3. J. Cuena: "Sistemas Inteligentes. Conceptos, Técnicas y Métodos de Construcción". Servicio de Publicaciones FI- UPM(1997)
  4. M. Stefik: “Introduction to Knowledge Systems”. Morgan Kaufmann (1995)
  5. F. Puppe: “Systematic Introduction to Expert Systems: Knowledge Representations and Problem-Solving Methods”. Springer-Verlag (1993)
  6. B.G. Buchanan, E.H. Shortliffe: "Rule-based Expert Systems: The MYCIN Experiments of the Stanford Heuristic Programming Project". Addison-Wesley (1984)
  7. R.O. Duda, P.E. Hart, N.J. Nilsson: "Subjective Bayesian Methods for Rule-Based Inference Systems". Technical Note 134. SRI International (1976)
  8. L.A. Zadeh: "Fuzzy Sets" Information and Control 8: 338-353 (1965)
  9. L.A. Zadeh: "Fuzzy Sets as a Basis for a Theory of Possibility". Information Sciences 8: 199-249; 301-357; 9: 43-80 (1975)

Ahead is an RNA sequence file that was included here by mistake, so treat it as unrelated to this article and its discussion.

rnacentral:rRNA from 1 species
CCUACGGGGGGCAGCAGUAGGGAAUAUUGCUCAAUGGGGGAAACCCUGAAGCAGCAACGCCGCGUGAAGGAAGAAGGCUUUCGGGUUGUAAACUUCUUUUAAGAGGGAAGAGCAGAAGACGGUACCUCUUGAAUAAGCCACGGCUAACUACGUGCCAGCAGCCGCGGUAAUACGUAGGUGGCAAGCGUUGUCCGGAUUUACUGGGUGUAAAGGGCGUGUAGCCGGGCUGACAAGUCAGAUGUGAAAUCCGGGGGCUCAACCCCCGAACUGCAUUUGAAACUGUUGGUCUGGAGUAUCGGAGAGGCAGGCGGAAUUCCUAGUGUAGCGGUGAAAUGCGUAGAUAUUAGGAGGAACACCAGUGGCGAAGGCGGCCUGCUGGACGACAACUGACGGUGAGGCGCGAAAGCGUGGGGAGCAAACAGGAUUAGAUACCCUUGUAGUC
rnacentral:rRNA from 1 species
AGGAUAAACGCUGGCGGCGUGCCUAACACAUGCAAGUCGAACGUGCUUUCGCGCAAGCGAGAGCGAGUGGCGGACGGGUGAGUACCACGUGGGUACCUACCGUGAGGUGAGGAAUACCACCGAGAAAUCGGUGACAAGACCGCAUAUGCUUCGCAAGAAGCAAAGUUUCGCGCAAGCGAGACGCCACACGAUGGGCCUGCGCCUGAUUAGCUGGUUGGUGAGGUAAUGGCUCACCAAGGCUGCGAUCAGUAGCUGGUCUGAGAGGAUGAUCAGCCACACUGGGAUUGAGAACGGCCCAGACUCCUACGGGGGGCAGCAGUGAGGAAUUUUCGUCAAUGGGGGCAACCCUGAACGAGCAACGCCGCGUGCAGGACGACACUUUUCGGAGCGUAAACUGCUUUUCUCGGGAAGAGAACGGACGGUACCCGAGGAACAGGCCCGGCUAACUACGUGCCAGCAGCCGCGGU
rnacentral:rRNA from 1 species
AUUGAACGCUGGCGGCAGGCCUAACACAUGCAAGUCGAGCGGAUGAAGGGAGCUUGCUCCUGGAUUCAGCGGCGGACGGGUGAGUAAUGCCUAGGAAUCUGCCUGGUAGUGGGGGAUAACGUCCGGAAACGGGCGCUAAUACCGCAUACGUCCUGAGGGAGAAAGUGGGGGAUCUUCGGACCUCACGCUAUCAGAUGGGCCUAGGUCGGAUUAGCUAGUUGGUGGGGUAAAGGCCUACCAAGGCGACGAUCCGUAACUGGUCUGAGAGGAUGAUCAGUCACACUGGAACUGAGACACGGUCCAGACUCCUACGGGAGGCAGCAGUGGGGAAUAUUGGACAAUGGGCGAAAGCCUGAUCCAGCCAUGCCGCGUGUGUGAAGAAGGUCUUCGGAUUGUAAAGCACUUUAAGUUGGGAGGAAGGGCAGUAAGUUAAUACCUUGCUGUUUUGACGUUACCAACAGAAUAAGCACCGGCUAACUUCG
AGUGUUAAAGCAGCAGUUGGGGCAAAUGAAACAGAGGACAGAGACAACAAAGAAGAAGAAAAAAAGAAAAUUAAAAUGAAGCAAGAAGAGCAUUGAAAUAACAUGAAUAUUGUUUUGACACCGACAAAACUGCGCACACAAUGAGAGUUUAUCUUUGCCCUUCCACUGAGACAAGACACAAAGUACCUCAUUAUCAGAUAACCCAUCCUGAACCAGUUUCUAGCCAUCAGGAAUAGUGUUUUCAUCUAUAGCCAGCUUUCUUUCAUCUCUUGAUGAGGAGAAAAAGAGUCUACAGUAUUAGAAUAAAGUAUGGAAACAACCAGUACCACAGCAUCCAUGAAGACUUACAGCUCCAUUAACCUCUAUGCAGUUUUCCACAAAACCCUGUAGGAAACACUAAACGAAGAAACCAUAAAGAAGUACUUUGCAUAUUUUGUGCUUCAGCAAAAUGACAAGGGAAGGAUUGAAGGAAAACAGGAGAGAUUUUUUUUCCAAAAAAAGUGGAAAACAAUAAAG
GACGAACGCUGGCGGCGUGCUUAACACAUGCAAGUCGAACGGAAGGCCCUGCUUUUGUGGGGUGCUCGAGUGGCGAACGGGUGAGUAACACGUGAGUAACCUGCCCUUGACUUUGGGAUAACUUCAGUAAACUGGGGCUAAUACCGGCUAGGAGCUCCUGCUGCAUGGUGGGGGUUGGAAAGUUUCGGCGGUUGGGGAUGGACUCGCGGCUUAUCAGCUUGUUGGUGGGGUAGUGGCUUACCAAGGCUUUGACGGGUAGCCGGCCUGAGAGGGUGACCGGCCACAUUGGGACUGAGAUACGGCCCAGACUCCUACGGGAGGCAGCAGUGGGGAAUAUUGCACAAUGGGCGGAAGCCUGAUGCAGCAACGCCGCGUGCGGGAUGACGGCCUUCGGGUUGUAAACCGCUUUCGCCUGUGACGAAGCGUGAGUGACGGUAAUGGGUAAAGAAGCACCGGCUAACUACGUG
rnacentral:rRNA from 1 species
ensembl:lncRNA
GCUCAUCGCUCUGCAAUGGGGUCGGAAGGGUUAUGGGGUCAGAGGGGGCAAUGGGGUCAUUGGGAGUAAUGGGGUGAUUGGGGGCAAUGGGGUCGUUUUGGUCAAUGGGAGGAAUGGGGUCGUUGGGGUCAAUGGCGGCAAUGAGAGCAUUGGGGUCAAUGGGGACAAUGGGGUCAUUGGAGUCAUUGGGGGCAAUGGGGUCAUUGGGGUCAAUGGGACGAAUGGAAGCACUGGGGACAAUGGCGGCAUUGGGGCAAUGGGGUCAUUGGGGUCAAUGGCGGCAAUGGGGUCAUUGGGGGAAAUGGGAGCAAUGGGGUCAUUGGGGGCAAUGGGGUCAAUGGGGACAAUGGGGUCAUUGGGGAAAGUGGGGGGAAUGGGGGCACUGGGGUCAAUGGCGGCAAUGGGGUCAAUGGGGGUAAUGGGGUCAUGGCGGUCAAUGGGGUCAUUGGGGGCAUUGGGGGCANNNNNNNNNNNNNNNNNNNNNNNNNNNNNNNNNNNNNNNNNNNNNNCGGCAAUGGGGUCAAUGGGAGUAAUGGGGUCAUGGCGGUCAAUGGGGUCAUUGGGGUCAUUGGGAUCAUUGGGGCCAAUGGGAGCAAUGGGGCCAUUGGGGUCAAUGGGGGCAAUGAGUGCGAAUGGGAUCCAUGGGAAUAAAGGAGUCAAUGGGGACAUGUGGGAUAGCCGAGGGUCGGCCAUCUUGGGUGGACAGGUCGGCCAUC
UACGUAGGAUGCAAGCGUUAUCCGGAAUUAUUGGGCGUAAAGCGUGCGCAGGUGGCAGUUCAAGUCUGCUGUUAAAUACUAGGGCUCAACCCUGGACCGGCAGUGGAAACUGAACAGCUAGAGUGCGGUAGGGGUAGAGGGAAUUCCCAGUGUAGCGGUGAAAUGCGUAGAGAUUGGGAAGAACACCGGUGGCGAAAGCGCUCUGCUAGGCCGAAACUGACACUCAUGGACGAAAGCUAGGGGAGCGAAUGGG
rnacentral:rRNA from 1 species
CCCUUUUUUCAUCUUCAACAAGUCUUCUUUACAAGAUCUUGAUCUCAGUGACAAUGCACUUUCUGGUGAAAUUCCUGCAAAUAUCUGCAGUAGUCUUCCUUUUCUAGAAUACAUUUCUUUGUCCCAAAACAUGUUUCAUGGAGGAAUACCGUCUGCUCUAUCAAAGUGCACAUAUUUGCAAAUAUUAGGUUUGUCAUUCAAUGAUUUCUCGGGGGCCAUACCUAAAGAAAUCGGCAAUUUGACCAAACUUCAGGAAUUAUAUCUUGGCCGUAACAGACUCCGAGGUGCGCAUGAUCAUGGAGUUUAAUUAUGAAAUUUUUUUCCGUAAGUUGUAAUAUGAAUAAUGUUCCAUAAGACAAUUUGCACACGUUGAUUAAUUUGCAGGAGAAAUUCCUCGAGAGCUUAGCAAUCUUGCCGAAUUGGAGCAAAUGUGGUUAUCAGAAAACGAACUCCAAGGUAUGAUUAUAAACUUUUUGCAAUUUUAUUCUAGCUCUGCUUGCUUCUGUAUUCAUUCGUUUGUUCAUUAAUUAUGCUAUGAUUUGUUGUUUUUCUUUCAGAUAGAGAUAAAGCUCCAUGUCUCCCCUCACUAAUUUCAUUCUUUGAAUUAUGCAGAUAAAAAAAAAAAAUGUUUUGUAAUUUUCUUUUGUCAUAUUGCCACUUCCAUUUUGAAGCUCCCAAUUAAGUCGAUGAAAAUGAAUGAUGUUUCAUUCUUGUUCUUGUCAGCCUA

10. G.J. Klir, U. St. Clair, B. Yuan: "Fuzzy Set Theory: Foundations and Applications". Prentice-Hall (1997)
  11. E. Trillas, S. Cubillo: "Primeras Lecciones de Lógica Borrosa". Servicio de Publicaciones de la Facultad de Informática de la UPM (1999)
  12. E. Trillas, C. Moraga, S. Guadarrama, S. Cubillo, E. Castiñeira: "Computing with Antonyms". Technical Report. Universidad Politécnica de Madrid.
  13. L. Sterling, E. Shapiro: "The Art of Prolog, 2nd Edition". MIT Press (1994)
  14. K. Apt: "From Logic Programming to Prolog". Prentice-Hall (1997)
  15. I. Bratko: "Prolog Programming for Artificial Intelligence". Addison-Wesley (1990)
  16. J. Lloyd: "Foundations on Logic Programming". Springer-Verlag (1991)
  17. W.F. Clocksin, C.S. Mellish: "Programming in Prolog". Springer-Verlag (1981)
  18. M. Ghallab, D. Nau, P. Traverso: "Automated Planning: Theory and Practice". Morgan-Kauffman (2004)
  19. S.M. Ross: "Introduction to Probability Models". Academic Press, 9th Edition (2006)
  20. R. Baeza-Yates, B. Ribeiro-Neto: "Modern Information Retrival". Addison-Wesley, Wokingham, UK (1999)


<mgremesal (at) fi.upm.es>